Friday, 20 August 2010
‘Aenarion’ – Gav Thorpe (Black Library)
Ever since I started listening to audio-books from the Black Library I’ve been waiting to see not only what they came up for their fantasy setting but also how it translated to an audio format. There have been a few minor hiccups with the ‘Warhammer 40,000’ line but, on the whole, they know just what they’re doing with this setting and it shows in some very well produced titles. There hasn’t really been anything from the Warhammer fantasy line though, until now...
I’ve got to admit that part of my eagerness here was that I really fancied hearing a tale of knights in armour, complete with the pounding of hooves and clash of broadsword on shield. Maybe the guttural sounds of orcs and goblins as well, something to really get the blood pumping on the morning commute to work! I didn’t get everything I wanted as Gav Thorpe gives us a tale of the early history of the Elves instead. It did get my blood pumping though...
The Elves of Ulthuan have fought for centuries against demons of Chaos who seek to plunder that fair Isle for it’s magic. Chief among them is Aenarion who has made many sacrifices so that his people may survive each onslaught. Some sacrifices are too great to bear though and Aenarion forsakes his gods, seeking out the legendary Sword of Khaine so that he may take his fight to directly to the demons... and win.
The Sword of Khaine lies at the heart of the Blighted Isle and many dangers lie in front of Aenarion before he can achieve his goal. Even if Aenarion reaches the Black Anvil where the sword lies though, is the greatest danger still to come...?
Gav Thorpe’s bloody tale of revenge and tragedy follows some familiar paths and you will know fairly early on where these paths will end. If you’re a fan of the setting then the odds are that you will know already! A tale that is in danger of becoming too predictable for it’s own good is balanced out though by Thorpe’s clever depiction of the main character Aenarion and particular issues that other characters raise. The trials that Aenarion faces have all been done before but his character is drawn such that you want to stick around and see his quest through to the end, even if you know what that end will be. (It is an open ended, leaving room for a sequel, but even so it’s clear where it’s going) Aenarion is such a bright and idealistic character that it really hurts to see him taken down a notch and you have to admire his steadfastness in seeing his quest through against all odds. Here is a character who is a real driving force for the plot.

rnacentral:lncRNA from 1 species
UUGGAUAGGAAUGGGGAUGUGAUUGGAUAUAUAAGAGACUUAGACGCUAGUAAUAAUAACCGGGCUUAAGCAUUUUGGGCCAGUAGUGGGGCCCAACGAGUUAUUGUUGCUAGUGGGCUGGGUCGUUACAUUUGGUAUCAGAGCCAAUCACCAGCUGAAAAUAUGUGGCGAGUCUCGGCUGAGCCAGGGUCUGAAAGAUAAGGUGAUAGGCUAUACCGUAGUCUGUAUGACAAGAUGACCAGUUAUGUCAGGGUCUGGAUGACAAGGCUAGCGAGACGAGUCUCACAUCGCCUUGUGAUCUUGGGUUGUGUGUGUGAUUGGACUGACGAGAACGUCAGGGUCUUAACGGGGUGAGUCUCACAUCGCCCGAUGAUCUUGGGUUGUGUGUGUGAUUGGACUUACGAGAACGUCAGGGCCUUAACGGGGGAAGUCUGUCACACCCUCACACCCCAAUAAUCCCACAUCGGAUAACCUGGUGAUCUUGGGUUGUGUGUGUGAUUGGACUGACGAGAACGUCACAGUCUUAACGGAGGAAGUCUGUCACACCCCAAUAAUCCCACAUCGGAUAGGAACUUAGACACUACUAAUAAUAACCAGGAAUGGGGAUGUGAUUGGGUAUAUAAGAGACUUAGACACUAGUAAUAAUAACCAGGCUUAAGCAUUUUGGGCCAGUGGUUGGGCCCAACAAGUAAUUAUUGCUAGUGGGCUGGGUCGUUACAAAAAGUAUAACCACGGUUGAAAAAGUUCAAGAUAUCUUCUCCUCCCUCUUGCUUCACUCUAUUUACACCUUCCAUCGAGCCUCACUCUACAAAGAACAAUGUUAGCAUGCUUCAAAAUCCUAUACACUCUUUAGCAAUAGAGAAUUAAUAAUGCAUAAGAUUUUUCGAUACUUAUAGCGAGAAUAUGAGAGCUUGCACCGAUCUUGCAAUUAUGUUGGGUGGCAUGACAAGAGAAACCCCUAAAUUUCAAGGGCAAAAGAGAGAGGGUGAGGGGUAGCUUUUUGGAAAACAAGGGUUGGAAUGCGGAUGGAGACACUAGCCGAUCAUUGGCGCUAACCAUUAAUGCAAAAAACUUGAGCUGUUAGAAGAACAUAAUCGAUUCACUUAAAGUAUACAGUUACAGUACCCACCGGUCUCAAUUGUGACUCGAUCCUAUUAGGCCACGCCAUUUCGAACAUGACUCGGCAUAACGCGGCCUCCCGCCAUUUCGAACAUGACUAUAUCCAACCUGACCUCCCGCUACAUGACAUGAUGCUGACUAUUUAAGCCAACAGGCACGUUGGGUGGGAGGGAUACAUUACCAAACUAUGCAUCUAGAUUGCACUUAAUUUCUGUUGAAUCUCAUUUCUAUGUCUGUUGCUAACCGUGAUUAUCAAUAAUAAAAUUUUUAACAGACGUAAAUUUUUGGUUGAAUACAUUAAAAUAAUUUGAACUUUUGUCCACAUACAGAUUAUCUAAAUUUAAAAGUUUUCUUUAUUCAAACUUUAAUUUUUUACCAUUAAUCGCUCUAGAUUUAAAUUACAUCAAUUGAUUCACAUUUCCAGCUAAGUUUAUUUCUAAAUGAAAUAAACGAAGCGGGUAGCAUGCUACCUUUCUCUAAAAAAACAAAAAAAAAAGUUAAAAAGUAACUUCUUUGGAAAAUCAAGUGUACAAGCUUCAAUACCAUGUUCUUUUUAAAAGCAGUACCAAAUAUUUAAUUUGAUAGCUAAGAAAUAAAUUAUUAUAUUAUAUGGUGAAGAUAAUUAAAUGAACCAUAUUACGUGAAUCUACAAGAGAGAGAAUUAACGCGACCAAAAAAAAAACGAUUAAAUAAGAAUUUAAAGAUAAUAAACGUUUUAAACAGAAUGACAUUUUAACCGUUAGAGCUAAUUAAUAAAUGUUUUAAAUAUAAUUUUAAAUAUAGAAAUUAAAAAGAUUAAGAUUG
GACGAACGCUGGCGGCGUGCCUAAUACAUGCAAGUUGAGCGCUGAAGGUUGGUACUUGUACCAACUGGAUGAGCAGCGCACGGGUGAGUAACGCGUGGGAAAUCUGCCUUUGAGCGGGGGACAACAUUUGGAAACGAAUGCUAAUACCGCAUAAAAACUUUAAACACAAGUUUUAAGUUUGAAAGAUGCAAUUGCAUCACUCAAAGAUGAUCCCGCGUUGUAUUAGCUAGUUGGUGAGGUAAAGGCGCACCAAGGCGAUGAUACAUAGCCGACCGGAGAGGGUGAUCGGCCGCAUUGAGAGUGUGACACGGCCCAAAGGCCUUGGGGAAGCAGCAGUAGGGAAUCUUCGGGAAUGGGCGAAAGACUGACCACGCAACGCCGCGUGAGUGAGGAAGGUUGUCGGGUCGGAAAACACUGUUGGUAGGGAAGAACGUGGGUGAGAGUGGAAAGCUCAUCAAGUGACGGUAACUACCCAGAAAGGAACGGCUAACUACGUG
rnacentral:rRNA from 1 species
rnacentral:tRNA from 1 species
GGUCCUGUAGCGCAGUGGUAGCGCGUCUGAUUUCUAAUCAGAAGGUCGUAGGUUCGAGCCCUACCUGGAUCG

I also enjoyed the questions raised over the Elves use of magic to hold the demons back; magic that serves to lure the demons to Ulthuan in the first place. Do you carry on using this magic (but risk perpetuating the war) or give it up entirely and leave your home defenceless against attack? The Elves face an impossible decision and you really get the sense that whichever way they go it will result in their doom.
All of this is played out against compelling battle scenes (during and after the main fight) where Thorpe’s prose works to very good affect with the audio-book production. Victory may have been a little too easy to come by for the Elves, at the beginning, but I still found myself getting right behind them and may or may not have cheered a little when the battle was done...
Beth Chalmers and John Banks take up the narrative duties once again (after ‘Throne of Lies’) but this time they swap round. Chalmers has the main bulk of the narration and her urgent delivery carries the plot forward at a crisp pace. Banks provides the voice of Aenarion (amongst others) and I couldn’t help thinking that he was taking his ‘Elf cue’ a little too heavily from the ‘Lord of the Rings’ films... He delivers his lines well though, especially the inspiring speeches, and gives each character their own voice (some of this is done technologically but he sounds good however it turns out).
‘Aenarion’ has a couple of niggling issues that are more to do with the format chosen for the plot rather than its execution. It does promise good things for future audio-books in the Warhammer setting and you can count on my being there to see how it all pans out.
Eight and a Half out of Ten